“Ride as much or as little, or as long or as short as you feel. But ride.” So says the much repeated quote attributed to the great Eddie Merckx. It may seem surprising that such an inspirational quote would come from someone known for riding so aggressively in races that he earned himself the nickname “The Cannibal”, but it’s a phrase we could all do well to remember.

Too often we get so caught up in our everyday busy lives that we find ourselves unable to follow through with the cycling we’ve had planned, too tired or too stressed to actually commit to that training or fitness ride we know full well will actually make us feel better in every way. And so the bike gathers dust and cobwebs and the idea of going out cycling gets more and more daunting.

If we weren’t so obsessed with seeing cycling in terms of medals, titles and a lycra uniform, perhaps more of us would ride bikes, and be healthier and happier just like our European counterparts.

Looking at The Netherlands and Denmark, what I see are people who ride bikes, not “cyclists”. For these people, going about their daily business on two wheels is as natural as brushing their teeth every day. As a result, these are frequently healthier andhappier individuals than many of us who aim to “go out for a bike ride” more often, and yet also fail to do so more often.

I’m of the opinion that the UK is far too entrenched in a fallacious belief that cycling is a Sport. In part, it is a sport, obviously, but I use the capital letter deliberately to differentiate. My point is, cycling goes way beyond just being a sport, and enters into the realms of both lifestyle and transport, depending on the needs of the individual cyclist.

If we weren’t so obsessed with seeing cycling in terms of medals, titles and a lycra uniform, perhaps more of us would ride bikes, and be healthier and happier just like our European counterparts.

Commute - every day or just once a week, all the way or just in one direction, anything is better than no commute by bike.

Using a bike for transport, health and, above all, fun is just as important and valid as average speed and sporting achievement. Not everyone is cut out to be, or indeed, wants to be “a better cyclist”. And that’s 100% OK. 

It’s not only about health, fitness and mental wellbeing, there’s the environmental angle too. The more of us who just ride a bike, instead of taking the car or public transport, the smaller the burden on our planet.

It can take a fundamental mental shift to think about cycling less as a sporting activity and more as something you just do, but it’s worth every pedal stroke thereafter and it can result in truly profound personal changes. It also opens the door for lots of exciting new wardrobe choices, from dedicated commuter gear, to stylish cycling togs that wouldn’t look out of place in a coffee shop and just practical normal clothes that do double duty on the bike.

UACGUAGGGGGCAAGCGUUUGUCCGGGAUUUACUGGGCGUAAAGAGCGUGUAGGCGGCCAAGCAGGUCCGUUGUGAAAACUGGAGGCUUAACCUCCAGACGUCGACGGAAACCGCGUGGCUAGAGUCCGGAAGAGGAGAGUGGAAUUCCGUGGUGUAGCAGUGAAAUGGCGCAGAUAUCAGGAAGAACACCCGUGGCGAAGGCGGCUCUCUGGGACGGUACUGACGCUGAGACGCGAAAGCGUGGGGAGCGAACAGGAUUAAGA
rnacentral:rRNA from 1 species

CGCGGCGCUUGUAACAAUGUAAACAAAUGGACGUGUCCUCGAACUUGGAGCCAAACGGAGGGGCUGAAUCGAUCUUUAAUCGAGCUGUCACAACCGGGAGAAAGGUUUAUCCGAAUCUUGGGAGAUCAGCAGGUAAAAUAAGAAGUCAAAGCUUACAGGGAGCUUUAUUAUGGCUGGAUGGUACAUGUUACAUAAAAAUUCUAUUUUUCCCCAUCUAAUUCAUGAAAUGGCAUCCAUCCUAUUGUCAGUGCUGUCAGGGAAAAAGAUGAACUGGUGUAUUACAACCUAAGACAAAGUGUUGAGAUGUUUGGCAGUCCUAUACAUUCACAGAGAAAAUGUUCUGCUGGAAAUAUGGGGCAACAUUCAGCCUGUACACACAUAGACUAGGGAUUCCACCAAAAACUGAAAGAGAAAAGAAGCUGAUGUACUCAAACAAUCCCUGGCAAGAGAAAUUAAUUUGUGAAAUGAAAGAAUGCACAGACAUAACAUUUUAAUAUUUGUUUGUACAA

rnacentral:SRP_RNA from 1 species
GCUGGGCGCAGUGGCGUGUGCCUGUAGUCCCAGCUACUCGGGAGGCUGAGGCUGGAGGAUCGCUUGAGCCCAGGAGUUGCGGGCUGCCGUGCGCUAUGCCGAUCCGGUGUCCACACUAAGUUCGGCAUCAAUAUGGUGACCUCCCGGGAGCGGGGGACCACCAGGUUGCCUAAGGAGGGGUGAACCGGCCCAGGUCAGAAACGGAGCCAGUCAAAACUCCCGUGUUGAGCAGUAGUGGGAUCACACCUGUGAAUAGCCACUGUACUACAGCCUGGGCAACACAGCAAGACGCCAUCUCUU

Here are five ways to get out and ride more without the pressure of a Big Ride.

1.  Sightseeing – preferable in the long hot days of summer, but just as feasible in winter too if you take along a warm layer to pop on while you’re enjoying that on site teashop. Many attractions, including one in six National Trust properties, offer entry discounts to people who have cycled to the location.

2.  Shopping – whilst you may not want to do the weekly shop by bike (unless you fancy the rather excellent solution of a trailer!), those day to day bits and pieces are easily fitted into a rucksack or pannier. It’s particularly satisfying to cycle to the shops in the run-up to Christmas, when you can sail past the gridlocked cars with a smug smirk.

3.  Pub - whilst I wouldn’t recommend an all-evening session that’s likely to have you arrested for being drunk in charge, it’s a great way of enjoying a couple of drinks without the issue of a designated driver or public transport. It encourages moderation, too. An off-road or quiet route home is a good idea.

4.  Commute - every day or just once a week, all the way or just in one direction, anything is better than no commute by bike. It clears the head, gets the blood flowing and it’s cheaper. Plus, once you’ve got home, you’ve already done some decent activity for the day, even without contemplating some Exercise.

5. Just ‘cause - sometimes it’s great just to jump on the bike and go for a ride, with no expectations, no goals and no real plans. Some of the best rides I’ve ever had have been ones where I have no idea how long I’ve been out or how fast I’ve been riding.

Perfect Kit for 'Everyday Life' cycling